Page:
Computer hacking is an everyday phenomenon that can affect personal PC users as much as big businesses. Oftentimes weak passwords are at fault, allowing hackers to go in and take information or implant a PC virus that can wreak havoc with a system. The Kennett Paper reported that a woman was recently hacked had an easy password and she now advises everyone to have a stronger password.
Ethel Ann Murphy was away on business when a hacker got a hold of her password (“grandmom”) and began sending emails to associates and friends saying that her purse had been snatched and she needed money wired to her. Luckily she was able contact everyone before the hacker got any money, but she realized that she needed to have stronger password.
“It was a real easy password,” Murphy told the Kennett Paper. “Once you get into my e-mail, everything else can be surmised. People need to make passwords complicated so nasty people can’t get it.”
She has since changed her password to a more complex code so that it won’t happen again.
Passwords still the easiest way to secure a computer
Even with new technologies like biometric fingerprint scanners or smart cards, passwords remain the standard for PC users everywhere, according to Windows IT Pro.
Passwords are still a low-cost way to keep a computer secure. PC uses for biometrics and cards are available, but the cost and practicality will be too much for people to actually install these systems on to their computers.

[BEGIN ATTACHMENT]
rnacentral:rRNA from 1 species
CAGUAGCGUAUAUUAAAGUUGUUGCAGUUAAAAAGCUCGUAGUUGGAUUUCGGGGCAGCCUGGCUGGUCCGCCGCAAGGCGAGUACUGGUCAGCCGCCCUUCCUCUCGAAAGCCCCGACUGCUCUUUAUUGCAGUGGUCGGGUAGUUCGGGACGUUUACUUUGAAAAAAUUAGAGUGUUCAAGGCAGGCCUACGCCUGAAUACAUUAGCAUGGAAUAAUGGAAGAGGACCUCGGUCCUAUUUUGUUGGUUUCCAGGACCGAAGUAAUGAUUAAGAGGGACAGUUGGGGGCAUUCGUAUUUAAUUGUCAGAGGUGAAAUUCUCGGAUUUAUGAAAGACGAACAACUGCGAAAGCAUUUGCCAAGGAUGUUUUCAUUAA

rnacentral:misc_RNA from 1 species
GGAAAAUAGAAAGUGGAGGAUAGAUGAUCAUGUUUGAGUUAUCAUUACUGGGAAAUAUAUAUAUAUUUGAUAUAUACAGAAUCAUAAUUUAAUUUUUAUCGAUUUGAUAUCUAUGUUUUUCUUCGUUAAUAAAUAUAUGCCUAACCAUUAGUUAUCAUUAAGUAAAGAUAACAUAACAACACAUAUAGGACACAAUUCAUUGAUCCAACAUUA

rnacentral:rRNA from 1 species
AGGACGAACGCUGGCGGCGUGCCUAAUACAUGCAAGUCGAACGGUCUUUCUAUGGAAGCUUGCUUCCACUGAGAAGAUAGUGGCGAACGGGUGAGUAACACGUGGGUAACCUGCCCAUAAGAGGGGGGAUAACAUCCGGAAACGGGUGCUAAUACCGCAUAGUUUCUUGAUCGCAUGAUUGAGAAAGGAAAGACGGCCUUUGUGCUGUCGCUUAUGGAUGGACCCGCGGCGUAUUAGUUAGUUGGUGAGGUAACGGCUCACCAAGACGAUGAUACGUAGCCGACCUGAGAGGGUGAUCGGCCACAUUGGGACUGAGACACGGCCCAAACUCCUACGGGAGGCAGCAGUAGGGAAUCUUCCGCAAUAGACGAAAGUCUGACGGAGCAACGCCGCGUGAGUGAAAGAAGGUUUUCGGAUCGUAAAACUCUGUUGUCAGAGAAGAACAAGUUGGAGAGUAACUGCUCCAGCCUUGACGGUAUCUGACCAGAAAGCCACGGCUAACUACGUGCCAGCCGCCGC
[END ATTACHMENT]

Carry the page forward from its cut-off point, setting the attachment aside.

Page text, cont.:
How to create a secure password
That leaves the question of how to create a password that is strong enough that it won’t be cracked, but easy enough to employ. An Alvarado Star article pointed to some helpful tips to keep a password strong.
Passwords can be cumbersome because to be successful they need to be long, with multiple characters that aren’t easily remember. They also need to be changed fairly frequently, just in case someone has figured it out. Some ways to keep a password secure are:
- Using more than one password instead of using the same combination for every account you use
- Making sure that the password doesn’t include obvious identifiers such as addresses or birthdays
- Changing passwords every two to three months
- Avoiding actual words that can be found in a dictionary
- Dodging backwards-spelled words and misspellings
- Mixing characters, numbers and symbols and mixing in upper and lower cases
- Having a memorable meaning to it